Category Archives: News

Creative Tourism- can Wanchai culture be manufactured? A letter to District Councillor Clarisse Yeung

Dear Clarisse,

I read this article in the SCMP with great intrigue. The Tourism commission wants to promote Wan Chai as a creative community by installing instagram-able art walls.

Ignore the directional landmarks indicated, it’s incorrect!

Thank you Tourism Commission. I do like the idea of having beautiful walls to look at. I’ve admired the art work on the sidewalk of Stone Nullah Lane, the mural that suddenly appeared beside Tang Shiu Kin Hospital and the flowers that now decorate the overhead bridge to immigration tower from the mtr does make the walk seem less concrete and more relaxing (you can spot the animals in the changing landscape).

Images of flowers replace on bare concrete

But is that really it?

In the article our Wanchai District Councillor Clarissa Yeung opined that the walls may go unnoticed by the residents and some residents don’t even like the art they see (despite the specific local cultural significance attributed to the motif). Can you please tell us what alternative proposals you have suggested to the Tourism Commission? Anything utilitarian? Residents want what they can use… for example well maintained, covered walkways and pavements (to protect us from being poked by umbrellas and having to maneuver around trees or potholes), smoke free zones so we don’t have to keep waving as we walk, barrier free access to all buildings (and bigger lifts or ramps for the existing public infrastructure), lower streetside pollution.

How about these suggestions Clarisse? You can say you heard it from a Wan Chai resident.

1) Pedestrian Car-free Day on Sundays on Johnston and Lockhart Road. To allow us residents to properly admire the art and enjoy the neighbourhood. If the authorities doubt how useful pedestrianized areas are, please look at the crowd on Lee Tung Avenue admiring the art there. Open up the streets for everyone to come to Wan Chai to enjoy. This would allow residents from all walks of life to meet and build connections. Trams can still operate and bring a bike or scooter? (Mostly, kids have scooters). A Sunday morning once a month from 6-11am would be very well received, other top world cities have done this.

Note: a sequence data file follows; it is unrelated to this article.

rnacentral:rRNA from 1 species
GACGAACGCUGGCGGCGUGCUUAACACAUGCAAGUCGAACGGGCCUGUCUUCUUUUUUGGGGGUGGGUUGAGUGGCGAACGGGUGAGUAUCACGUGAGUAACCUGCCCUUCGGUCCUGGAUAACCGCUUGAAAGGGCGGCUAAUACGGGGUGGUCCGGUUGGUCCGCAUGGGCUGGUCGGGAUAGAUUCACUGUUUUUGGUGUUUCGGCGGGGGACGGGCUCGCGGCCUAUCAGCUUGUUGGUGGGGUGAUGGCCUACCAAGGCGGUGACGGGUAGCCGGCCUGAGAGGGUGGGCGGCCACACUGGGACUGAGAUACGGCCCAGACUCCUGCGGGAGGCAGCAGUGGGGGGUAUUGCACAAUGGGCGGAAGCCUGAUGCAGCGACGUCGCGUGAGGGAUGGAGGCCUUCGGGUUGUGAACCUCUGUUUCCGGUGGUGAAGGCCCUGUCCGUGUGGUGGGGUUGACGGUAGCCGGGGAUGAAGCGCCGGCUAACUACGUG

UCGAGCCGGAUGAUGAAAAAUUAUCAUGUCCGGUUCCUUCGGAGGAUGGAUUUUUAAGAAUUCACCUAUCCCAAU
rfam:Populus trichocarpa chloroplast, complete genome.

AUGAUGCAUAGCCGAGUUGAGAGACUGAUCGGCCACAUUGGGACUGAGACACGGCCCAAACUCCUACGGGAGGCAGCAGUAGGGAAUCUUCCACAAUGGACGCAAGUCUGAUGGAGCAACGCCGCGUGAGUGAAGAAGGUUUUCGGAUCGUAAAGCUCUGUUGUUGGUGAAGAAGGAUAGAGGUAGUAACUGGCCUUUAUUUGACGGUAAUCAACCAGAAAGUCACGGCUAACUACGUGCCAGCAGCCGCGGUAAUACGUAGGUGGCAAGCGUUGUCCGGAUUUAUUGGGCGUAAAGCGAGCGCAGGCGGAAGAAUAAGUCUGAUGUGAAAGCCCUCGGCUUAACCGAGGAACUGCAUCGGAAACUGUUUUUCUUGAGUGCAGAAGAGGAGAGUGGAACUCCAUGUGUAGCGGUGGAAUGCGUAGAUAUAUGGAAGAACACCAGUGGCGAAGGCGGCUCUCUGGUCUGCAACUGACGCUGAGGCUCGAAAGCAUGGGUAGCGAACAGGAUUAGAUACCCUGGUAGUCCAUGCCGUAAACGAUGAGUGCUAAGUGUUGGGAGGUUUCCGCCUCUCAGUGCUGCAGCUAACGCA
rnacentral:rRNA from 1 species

2) How about Pop-up playgrounds? If you want the tourists and locals to bring families into the city to spend and stay, this would be an awesome project for the district. Instead of exhibits that cannot be touched (again, see Lee Tung Avenue which rarely allows anyone to touch anything…yawn *boring*…or high class Art Basel), how about getting an experiential artist who can design an installation and play spaces that will bring real lasting and fun memories to the next generation. Who brings the next generation? Well, this generation and very often, the one before. You’d be getting 3 generations which would be much more meaningful than the current exhibits. There’ll be a ton of social media sharing.

3) Force landlords who have commercial property sitting empty for more than 3 months to rent it to a cha chaan teng or convert into an indoor playroom. Ok, I admit this is a huge challenge but looking at empty “for rent” spaces while landlords wait for asset inflation creates just as much of a visual and featureless hole as art installations decorate one. (This would be a follow-on of the residential vacancy tax). The property next to the temple on Queens Road East facing Tai Wong East Street has been empty for almost a year and what a waste of space. There are many more to be seen as you walk down the street.